The colonial period, in this perspective, was at once sudden and exceedingly short, and its central event—the scramble of the European powers to divide up the continent—lasted scarcely twenty years. Until then, the European presence had been little more than a fringe of minute forts and trading posts around the coast, with the exceptions of the French conquest of Algeria and the Dutch-British presence at the Cape. The middle of the century, however, brought about a rapid political destabilization throughout much of Africa. Roland Oliver attributes it in part to the invention of the rifle rather than to the spread of firearms as such. (Many African blacksmiths could repair or even manufacture a simple old musket, but the rifle was a technology which could not be copied and which was imported only by the wealthiest rulers.) More gradually, the French establishment of slave-worked plantations on Reunion and Mauritius in the previous century had encouraged the Swahili-Arab traders of the coast to push inland in far greater force and depth in search of slaves, unsettling the whole interior between the Indian Ocean and the middle Congo basin.
Slavery is a major theme of Oliver’s book, inevitably. But if The African Experience does reach the wide audience that it deserves, then it will reveal to many readers for the first time that the Atlantic slave trade was not the central event in the history of African slavery. It was decisive, but only because European nations (Britain especially) eventually became disgusted with themselves, abolishing first the trade, then the institution in their own countries and colonies, and finally slavery in Africa itself. Roland Oliver’s perspective sees the Atlantic trade against the fact that slavery was an almost universal and immemorially ancient custom throughout the African continent. Slavery existed in dynastic Egypt, and Herodotus recorded slave-raiding into the central Sahara (then still in parts fertile) in the first millennium BC. Excavation shows that villages in the Niger Delta began to build defenses at about that time, and slavery was certainly well-established all down the western coast of Africa when the first Portuguese voyagers landed there in the fifteenth century AD.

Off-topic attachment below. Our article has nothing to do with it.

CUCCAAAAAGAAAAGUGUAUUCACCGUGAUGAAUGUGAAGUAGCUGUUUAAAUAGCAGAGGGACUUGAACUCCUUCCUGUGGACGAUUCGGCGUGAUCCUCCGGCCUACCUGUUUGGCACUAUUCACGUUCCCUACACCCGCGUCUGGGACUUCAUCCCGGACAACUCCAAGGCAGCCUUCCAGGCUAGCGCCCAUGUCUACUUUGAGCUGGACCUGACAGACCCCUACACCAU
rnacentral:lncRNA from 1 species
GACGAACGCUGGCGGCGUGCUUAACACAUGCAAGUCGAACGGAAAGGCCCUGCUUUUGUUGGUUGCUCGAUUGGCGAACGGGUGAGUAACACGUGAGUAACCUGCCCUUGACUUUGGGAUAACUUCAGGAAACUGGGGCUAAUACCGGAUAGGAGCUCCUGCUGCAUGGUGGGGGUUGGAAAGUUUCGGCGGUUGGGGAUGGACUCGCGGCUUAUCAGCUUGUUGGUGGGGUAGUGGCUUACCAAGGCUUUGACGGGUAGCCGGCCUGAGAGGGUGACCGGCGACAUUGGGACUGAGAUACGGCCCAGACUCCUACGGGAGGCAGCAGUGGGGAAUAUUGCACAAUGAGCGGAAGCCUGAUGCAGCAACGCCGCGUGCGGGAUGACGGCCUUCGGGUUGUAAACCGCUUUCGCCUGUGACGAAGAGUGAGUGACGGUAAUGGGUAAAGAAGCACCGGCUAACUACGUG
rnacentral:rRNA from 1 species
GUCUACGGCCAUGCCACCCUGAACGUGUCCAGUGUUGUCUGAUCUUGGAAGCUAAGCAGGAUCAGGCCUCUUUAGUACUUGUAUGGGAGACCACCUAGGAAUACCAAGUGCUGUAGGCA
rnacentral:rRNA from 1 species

In most cases, slaves were the outcome of aggressive war. Professor Oliver points out the crucial distinction between a slave and a mere captive: a slave is a captive who has been taken so far from his or her home that escape becomes unthinkable and bonds or fetters can be safely removed. (A slave with tied feet or hands would be of little use to anyone.) But this distinction also implies an organized long-distance commerce in slaves. African states were very small and made war locally, so that the very existence of slavery as an institution required traders who could move captives to a sufficiently distant point of sale.